These kettlebell exercises can be used as both strengthening exercises as well as flexibility exercises and therefore improve your mobility, also known as your functional range. These can be added into your kettlebell workout or at the end of a HIIT workout, powerlifting session etc.
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Consistent, progressive strength training is a great way to improve mobility and functional movement capacity. That being said there are some very effective mobility specific exercises that you can use to improve your mobility. Here are a list of effective kettlebell variations of mobility exercises.
Improving your mobility can be a frustrating, arduous process that can sometimes feel as if you are never moving forward. Not only that, it is often filled with competing opinions about how best to improve mobility and a variety of myths that can waste a great deal of time . That’s why using kettlebell training as a tool to improve your mobility can be a great way to make traditional mobility training more palpable and fun.
One very effective way to add kettlebell mobility training into your routine is simply by using these exercises as warm ups. I use exercises like Goblet Squat with Ankle Rocks with my clients prior to squatting, therefore opening up the ankle joints and building strength in that range of motion through heavy goblet squats. Doing this style of training on a consistent basis is sure to improve the mobility of the joint you are working on.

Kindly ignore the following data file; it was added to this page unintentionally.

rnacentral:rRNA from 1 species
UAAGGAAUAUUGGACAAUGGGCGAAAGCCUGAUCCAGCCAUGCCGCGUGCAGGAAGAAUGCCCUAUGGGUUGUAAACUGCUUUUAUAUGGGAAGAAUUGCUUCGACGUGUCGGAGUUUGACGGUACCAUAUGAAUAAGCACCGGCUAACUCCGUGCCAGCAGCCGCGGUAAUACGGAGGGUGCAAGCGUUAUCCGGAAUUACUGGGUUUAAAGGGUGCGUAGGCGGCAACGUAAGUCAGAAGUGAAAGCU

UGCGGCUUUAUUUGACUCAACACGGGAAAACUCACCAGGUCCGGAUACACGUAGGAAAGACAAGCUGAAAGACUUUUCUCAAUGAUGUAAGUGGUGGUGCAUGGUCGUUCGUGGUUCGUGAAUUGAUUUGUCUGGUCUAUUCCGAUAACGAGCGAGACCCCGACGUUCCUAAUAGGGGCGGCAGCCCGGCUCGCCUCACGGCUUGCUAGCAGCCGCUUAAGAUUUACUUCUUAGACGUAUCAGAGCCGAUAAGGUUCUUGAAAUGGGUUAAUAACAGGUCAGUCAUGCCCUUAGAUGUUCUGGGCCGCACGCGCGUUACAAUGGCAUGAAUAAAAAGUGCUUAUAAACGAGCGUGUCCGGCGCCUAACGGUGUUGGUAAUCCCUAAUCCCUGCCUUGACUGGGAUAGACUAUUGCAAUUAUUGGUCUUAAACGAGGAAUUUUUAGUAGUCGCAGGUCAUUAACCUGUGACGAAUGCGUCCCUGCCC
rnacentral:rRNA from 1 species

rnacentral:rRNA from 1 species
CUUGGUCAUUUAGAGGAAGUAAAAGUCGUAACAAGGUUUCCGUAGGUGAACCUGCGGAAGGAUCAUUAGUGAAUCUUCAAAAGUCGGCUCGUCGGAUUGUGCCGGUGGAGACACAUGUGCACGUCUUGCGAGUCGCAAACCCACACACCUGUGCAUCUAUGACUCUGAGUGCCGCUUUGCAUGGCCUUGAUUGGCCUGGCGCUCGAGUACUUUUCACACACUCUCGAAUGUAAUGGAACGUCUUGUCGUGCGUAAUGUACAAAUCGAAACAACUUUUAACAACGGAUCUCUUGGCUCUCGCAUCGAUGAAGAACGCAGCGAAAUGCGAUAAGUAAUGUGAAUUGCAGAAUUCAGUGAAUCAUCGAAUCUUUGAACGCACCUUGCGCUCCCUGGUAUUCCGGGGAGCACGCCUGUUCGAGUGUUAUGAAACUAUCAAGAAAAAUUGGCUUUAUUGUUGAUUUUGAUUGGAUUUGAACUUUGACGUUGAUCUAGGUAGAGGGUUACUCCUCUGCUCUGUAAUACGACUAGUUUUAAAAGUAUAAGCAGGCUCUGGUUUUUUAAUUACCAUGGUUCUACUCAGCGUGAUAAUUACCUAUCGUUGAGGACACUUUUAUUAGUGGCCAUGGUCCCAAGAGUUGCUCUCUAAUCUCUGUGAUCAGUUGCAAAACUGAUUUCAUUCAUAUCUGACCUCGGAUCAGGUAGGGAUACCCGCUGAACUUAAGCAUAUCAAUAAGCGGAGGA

These exercises can also be done as “mobility specific” training in the cool downs of your sessions, this means you might take an exercise like the KB Cossack Squat and other mobility exercises and perform them as a circuit at the end of your strength or cardiovascular session. This can then be made progressively more difficult over time as you adapt to the new positions and see improvements in your mobility.
This often goes overlooked, but strength training is one of the most effective ways to improve the mobility (1) of a joint, especially if it is warmed up correctly and then moved through its full range of motion with a manageable weight. The manageable weight part is a very important part of that equation, if your using maximal weights it is very unlikely that you can comfortable move through your full range of motion, so when your doing heavy strength training do not consider this as part of improving your mobility.
The Knees over toes KB goblet squat in lunge is a great strength training exercise that also improves the mobility of the knee joint and ankle joint. It can be a very challenging position at first so take your time with it and start with very light weights. This can be a great addition to a training programme for someone who is struggling to squat to full depth due to ankle mobility issues.
The Front Rack Narrow Stance Squat or goblet narrow stance squat is a great way to work on ankle and knee mobility with the kettlebell also. It requires a great deal of knee flexion to go into a deep squat position, therefore encouraging yourself or a client to move through a new range of motion whilst gaining strength in the positions.
The goblet cossack squat is one of my favourite kettlebell mobility exercises that I use with my clients as it works hip, knee and ankle stability all at the same time. This is one of my go to warm up exercises before squats, done consistently over time you can take someone with a very tight lower body and get them very mobile. The best is too start with the bodyweight variation and once you have masted the technique of the exercise, especially the aspect of keeping the hips low as you transition from side to side. Then you can start adding weight.